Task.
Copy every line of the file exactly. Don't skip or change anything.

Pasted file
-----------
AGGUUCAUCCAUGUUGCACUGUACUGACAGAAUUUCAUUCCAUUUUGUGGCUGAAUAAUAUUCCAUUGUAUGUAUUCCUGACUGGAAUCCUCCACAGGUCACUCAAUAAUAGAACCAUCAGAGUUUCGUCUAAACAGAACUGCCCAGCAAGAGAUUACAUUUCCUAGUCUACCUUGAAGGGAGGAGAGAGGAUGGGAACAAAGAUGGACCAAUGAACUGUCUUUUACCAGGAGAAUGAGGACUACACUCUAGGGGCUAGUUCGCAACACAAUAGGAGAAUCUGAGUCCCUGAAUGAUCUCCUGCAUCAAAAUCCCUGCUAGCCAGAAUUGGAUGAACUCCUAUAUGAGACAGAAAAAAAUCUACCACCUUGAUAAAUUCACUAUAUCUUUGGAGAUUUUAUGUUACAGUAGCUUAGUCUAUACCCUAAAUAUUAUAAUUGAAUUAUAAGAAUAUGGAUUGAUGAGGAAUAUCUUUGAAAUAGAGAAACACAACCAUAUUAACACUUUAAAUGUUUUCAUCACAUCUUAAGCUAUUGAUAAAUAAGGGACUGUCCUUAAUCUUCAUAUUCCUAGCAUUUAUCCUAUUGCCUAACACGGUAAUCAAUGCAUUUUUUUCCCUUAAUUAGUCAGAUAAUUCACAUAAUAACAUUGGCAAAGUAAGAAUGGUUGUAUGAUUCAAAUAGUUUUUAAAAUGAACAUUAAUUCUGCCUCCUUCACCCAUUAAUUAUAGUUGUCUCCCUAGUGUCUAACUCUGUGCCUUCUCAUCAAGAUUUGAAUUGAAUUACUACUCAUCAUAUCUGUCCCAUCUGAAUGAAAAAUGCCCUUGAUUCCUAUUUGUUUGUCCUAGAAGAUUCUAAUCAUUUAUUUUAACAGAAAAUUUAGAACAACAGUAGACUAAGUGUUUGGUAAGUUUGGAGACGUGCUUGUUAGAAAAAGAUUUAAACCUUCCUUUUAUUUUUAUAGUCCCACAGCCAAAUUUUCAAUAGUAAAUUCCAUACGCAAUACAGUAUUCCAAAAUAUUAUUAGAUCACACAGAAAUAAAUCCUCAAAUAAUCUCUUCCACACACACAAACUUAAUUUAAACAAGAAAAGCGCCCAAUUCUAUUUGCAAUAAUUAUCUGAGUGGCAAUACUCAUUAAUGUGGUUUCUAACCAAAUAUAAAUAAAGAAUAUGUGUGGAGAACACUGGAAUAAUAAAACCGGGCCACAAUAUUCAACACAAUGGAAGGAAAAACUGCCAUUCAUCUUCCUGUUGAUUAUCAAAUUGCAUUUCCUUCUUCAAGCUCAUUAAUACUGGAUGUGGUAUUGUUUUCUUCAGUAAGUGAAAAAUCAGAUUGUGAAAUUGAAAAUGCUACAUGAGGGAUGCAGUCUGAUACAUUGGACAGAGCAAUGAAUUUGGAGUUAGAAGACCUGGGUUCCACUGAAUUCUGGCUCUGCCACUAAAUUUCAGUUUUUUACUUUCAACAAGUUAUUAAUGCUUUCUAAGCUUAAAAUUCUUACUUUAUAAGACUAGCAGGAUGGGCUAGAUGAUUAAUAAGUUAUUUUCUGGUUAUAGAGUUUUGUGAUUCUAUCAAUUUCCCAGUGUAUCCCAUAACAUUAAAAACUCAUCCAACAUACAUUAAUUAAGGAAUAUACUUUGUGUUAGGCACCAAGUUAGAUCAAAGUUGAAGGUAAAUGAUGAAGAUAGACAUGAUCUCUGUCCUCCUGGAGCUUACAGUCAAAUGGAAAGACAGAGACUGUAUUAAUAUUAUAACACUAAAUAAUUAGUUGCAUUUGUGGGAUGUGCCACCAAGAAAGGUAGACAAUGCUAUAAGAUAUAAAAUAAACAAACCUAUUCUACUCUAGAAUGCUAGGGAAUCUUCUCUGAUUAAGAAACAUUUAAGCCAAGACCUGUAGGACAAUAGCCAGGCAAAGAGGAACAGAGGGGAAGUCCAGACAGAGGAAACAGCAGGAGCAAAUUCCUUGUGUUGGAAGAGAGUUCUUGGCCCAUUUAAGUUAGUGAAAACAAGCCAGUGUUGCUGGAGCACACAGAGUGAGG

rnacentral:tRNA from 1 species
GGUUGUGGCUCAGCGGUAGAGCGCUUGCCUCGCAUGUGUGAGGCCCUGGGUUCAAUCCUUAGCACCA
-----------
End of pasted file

AGGUUCAUCCAUGUUGCACUGUACUGACAGAAUUUCAUUCCAUUUUGUGGCUGAAUAAUAUUCCAUUGUAUGUAUUCCUGACUGGAAUCCUCCACAGGUCACUCAAUAAUAGAACCAUCAGAGUUUCGUCUAAACAGAACUGCCCAGCAAGAGAUUACAUUUCCUAGUCUACCUUGAAGGGAGGAGAGAGGAUGGGAACAAAGAUGGACCAAUGAACUGUCUUUUACCAGGAGAAUGAGGACUACACUCUAGGGGCUAGUUCGCAACACAAUAGGAGAAUCUGAGUCCCUGAAUGAUCUCCUGCAUCAAAAUCCCUGCUAGCCAGAAUUGGAUGAACUCCUAUAUGAGACAGAAAAAAAUCUACCACCUUGAUAAAUUCACUAUAUCUUUGGAGAUUUUAUGUUACAGUAGCUUAGUCUAUACCCUAAAUAUUAUAAUUGAAUUAUAAGAAUAUGGAUUGAUGAGGAAUAUCUUUGAAAUAGAGAAACACAACCAUAUUAACACUUUAAAUGUUUUCAUCACAUCUUAAGCUAUUGAUAAAUAAGGGACUGUCCUUAAUCUUCAUAUUCCUAGCAUUUAUCCUAUUGCCUAACACGGUAAUCAAUGCAUUUUUUUCCCUUAAUUAGUCAGAUAAUUCACAUAAUAACAUUGGCAAAGUAAGAAUGGUUGUAUGAUUCAAAUAGUUUUUAAAAUGAACAUUAAUUCUGCCUCCUUCACCCAUUAAUUAUAGUUGUCUCCCUAGUGUCUAACUCUGUGCCUUCUCAUCAAGAUUUGAAUUGAAUUACUACUCAUCAUAUCUGUCCCAUCUGAAUGAAAAAUGCCCUUGAUUCCUAUUUGUUUGUCCUAGAAGAUUCUAAUCAUUUAUUUUAACAGAAAAUUUAGAACAACAGUAGACUAAGUGUUUGGUAAGUUUGGAGACGUGCUUGUUAGAAAAAGAUUUAAACCUUCCUUUUAUUUUUAUAGUCCCACAGCCAAAUUUUCAAUAGUAAAUUCCAUACGCAAUACAGUAUUCCAAAAUAUUAUUAGAUCACACAGAAAUAAAUCCUCAAAUAAUCUCUUCCACACACACAAACUUAAUUUAAACAAGAAAAGCGCCCAAUUCUAUUUGCAAUAAUUAUCUGAGUGGCAAUACUCAUUAAUGUGGUUUCUAACCAAAUAUAAAUAAAGAAUAUGUGUGGAGAACACUGGAAUAAUAAAACCGGGCCACAAUAUUCAACACAAUGGAAGGAAAAACUGCCAUUCAUCUUCCUGUUGAUUAUCAAAUUGCAUUUCCUUCUUCAAGCUCAUUAAUACUGGAUGUGGUAUUGUUUUCUUCAGUAAGUGAAAAAUCAGAUUGUGAAAUUGAAAAUGCUACAUGAGGGAUGCAGUCUGAUACAUUGGACAGAGCAAUGAAUUUGGAGUUAGAAGACCUGGGUUCCACUGAAUUCUGGCUCUGCCACUAAAUUUCAGUUUUUUACUUUCAACAAGUUAUUAAUGCUUUCUAAGCUUAAAAUUCUUACUUUAUAAGACUAGCAGGAUGGGCUAGAUGAUUAAUAAGUUAUUUUCUGGUUAUAGAGUUUUGUGAUUCUAUCAAUUUCCCAGUGUAUCCCAUAACAUUAAAAACUCAUCCAACAUACAUUAAUUAAGGAAUAUACUUUGUGUUAGGCACCAAGUUAGAUCAAAGUUGAAGGUAAAUGAUGAAGAUAGACAUGAUCUCUGUCCUCCUGGAGCUUACAGUCAAAUGGAAAGACAGAGACUGUAUUAAUAUUAUAACACUAAAUAAUUAGUUGCAUUUGUGGGAUGUGCCACCAAGAAAGGUAGACAAUGCUAUAAGAUAUAAAAUAAACAAACCUAUUCUACUCUAGAAUGCUAGGGAAUCUUCUCUGAUUAAGAAACAUUUAAGCCAAGACCUGUAGGACAAUAGCCAGGCAAAGAGGAACAGAGGGGAAGUCCAGACAGAGGAAACAGCAGGAGCAAAUUCCUUGUGUUGGAAGAGAGUUCUUGGCCCAUUUAAGUUAGUGAAAACAAGCCAGUGUUGCUGGAGCACACAGAGUGAGG

rnacentral:tRNA from 1 species
GGUUGUGGCUCAGCGGUAGAGCGCUUGCCUCGCAUGUGUGAGGCCCUGGGUUCAAUCCUUAGCACCA